Then, Sarah noticed some longer grass on the line between the old and the new and then went a little further. Gretta noticed the rose bushes; she's one of the more enthusiastic browsers in the flock.
Some were a little nervous at first but then most went to explore.

Some went back to the other side and got hay out of the hay feeders instead. Some creatures are always happier with what is familiar. It is funny to watch sheep check things out closely. They are always scrutinizing what I am carrying . They don't like new tools they haven't seen before. I always forget I am carrying something new and they all look at me and run and I can't figure out why they are afraid all of a sudden and then I remember I am carry something that they don't recognize. The other day, though, I was down in the lower pasture with them, knitting with circular needles with a ball of yarn down the front of my jacket and many of them came up one by one to see what I was doing. They were fine with the knitting. All the animals are leery with new people around but they get used to people quickly.

It is amazing that this big project can now be checked off the list- yay! And earlier in the week Kathleen helped me do the new bed by the door for lettuce, greens, and peas. Yesterday, we dug up two trees that needed to find a new home. L. from the native plant society, was very glad to send them off.

Still some big projects to go, but the list is getting shorter.

Sunday, March 11, 2012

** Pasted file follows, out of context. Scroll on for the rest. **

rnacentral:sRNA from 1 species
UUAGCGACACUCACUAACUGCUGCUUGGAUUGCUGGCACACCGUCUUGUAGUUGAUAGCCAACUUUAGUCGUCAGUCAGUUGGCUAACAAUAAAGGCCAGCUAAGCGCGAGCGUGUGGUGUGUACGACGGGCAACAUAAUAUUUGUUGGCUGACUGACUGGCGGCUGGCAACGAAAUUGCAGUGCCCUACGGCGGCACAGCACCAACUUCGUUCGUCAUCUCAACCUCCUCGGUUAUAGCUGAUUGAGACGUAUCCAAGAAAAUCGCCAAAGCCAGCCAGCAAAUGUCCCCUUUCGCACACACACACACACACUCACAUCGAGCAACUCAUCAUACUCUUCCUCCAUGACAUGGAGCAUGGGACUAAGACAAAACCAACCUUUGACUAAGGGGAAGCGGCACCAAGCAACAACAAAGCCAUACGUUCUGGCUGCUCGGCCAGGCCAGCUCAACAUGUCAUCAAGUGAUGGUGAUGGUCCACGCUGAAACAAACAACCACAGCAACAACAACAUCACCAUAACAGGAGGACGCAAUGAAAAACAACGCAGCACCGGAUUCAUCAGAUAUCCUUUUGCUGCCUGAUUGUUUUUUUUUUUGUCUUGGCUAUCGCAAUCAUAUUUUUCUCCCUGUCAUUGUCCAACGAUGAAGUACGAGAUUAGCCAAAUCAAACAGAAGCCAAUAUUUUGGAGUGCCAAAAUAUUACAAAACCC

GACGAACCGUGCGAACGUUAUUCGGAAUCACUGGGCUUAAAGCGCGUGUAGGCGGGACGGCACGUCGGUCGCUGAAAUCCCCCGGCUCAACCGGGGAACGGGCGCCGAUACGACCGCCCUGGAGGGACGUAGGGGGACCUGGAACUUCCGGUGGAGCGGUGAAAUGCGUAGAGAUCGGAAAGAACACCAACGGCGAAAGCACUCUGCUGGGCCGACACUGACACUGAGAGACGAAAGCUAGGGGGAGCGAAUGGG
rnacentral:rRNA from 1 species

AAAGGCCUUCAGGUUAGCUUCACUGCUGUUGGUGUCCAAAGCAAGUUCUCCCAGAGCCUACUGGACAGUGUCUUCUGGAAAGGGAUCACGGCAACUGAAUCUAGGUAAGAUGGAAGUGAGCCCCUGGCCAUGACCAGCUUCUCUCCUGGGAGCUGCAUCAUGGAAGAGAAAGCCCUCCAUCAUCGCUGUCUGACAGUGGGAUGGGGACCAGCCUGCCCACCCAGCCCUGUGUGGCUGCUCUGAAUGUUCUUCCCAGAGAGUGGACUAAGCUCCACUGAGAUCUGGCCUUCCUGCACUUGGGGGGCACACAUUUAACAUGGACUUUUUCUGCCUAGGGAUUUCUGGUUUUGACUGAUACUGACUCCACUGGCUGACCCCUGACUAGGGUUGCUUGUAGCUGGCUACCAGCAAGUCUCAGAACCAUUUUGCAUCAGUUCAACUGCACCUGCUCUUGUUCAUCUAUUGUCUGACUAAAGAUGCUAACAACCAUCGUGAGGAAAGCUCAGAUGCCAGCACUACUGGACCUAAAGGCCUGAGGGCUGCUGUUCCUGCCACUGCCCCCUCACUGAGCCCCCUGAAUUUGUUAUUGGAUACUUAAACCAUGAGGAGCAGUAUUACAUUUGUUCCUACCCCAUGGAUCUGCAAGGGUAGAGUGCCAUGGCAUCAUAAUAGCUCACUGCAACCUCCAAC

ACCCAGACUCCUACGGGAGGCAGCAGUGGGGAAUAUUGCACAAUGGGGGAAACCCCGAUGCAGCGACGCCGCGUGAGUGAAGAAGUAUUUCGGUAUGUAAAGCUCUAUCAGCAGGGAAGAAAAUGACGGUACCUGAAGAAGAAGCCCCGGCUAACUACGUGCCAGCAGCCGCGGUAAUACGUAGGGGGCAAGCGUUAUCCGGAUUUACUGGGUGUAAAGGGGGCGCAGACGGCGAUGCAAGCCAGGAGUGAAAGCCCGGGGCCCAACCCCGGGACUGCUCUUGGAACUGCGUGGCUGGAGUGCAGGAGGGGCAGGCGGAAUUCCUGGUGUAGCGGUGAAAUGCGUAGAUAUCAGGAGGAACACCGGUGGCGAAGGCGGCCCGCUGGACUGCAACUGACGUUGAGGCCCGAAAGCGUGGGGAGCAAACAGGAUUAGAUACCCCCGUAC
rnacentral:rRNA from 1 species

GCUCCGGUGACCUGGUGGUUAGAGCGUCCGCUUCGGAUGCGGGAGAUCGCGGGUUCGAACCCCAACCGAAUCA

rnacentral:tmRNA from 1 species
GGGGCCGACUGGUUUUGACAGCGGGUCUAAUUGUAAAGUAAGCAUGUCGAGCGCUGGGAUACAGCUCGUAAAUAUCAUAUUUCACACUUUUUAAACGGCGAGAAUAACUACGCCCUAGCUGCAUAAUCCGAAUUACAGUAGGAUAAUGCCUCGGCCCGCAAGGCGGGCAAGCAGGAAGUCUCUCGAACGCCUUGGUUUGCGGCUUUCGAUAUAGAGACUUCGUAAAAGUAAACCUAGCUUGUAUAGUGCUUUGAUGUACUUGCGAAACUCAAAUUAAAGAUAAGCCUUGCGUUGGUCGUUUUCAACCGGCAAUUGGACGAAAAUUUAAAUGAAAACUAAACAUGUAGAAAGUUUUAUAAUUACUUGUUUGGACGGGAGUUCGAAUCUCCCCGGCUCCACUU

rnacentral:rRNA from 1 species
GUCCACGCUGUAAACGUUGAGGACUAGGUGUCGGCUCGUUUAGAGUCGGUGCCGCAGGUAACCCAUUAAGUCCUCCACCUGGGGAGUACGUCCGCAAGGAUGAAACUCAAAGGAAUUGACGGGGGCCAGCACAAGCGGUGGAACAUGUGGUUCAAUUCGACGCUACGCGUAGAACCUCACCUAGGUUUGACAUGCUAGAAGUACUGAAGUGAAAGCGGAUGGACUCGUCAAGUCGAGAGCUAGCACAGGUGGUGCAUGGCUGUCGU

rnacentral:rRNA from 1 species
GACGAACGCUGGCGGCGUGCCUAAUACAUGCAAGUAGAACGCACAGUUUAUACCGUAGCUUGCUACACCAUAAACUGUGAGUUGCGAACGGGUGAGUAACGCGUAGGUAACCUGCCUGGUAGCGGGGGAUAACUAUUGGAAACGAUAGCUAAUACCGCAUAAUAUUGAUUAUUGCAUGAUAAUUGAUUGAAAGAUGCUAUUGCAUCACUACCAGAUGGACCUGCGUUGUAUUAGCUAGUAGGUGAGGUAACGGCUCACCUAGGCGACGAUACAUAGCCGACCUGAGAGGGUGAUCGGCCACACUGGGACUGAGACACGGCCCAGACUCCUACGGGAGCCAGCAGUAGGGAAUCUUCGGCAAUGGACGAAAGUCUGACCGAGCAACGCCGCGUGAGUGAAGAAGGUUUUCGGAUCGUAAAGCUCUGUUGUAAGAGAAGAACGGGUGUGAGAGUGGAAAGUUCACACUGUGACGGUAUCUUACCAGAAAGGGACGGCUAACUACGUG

Mental Ramblings

With this full moon, I have not only been awake at night with my mind spinning and coming up with all kinds of new ideas, but also I have been having wild dreams. I am So sleepy.

Bill and Kathleen are here and some projects are getting done. Tomorrow, we are setting up the electric fence between the barnyard and the pasture and maybe designating the hedgerow area. That will be a big accomplishment.

I keep looking for Jumpin Jack, I miss him. I guess it was worms that were the issue; the day after, Mary was very sick. I have been giving her all kinds of treatments- more details later. She seems to be doing much better, but has a ways to go. She is stronger than she has been in a while. Very interesting. Too tired to write, but important to make notes. I have learned a lot in the last week. More later.

The weather has been spectacular; things are beginning to dry out. Still very soggy in some areas but I have ideas to correct the problem in the future. I have been cleaning up the barnyard and the new green grass is so wonderful to see. The sheep have been migrating from place to place and loving it. They have also been doing a lot of running and jumping. Sure seems like Spring but it is much too early.

Wednesday, March 7, 2012

Death is a Part of Life

Especially, living on a farm, I think I am closer to "Death is a Part of Life". Yesterday morning Jumpin Jack died. He was a sweetheart. He was never a vibrant sheep after his worm issues last summer. He was always a bit slower than the others but he maintained. I had just started giving him a tonic that I thought might help and a couple of days ago he seemed a bit better but alas, I woke up yesterday and he was dying.

I was sitting on the ladder in the barn, Monday, with some hay on my lap and Jumpin Jack and four others were eating the hay. I remember thinking " this is good, he still likes me after I give him the medicine and he seems a bit better".

So what was it? I really don't know. No coughing, no any noticeable symptoms just not peppy.

I gave him his space in the last couple of hours and watched the others come check on him. I checked in on him but most sheep are stressed more by human contact so I talked to him and then kept doing chores around the barn and barnyard. He did not seem to be suffering in any way so I let him die in peace.

I was given a beautiful day to lay him to rest next to Hildegard. I did shear him after he died since he had a beautiful full fleece. I will make something special to remember him by.

This was always one of my favorite pictures of Jumpin Jack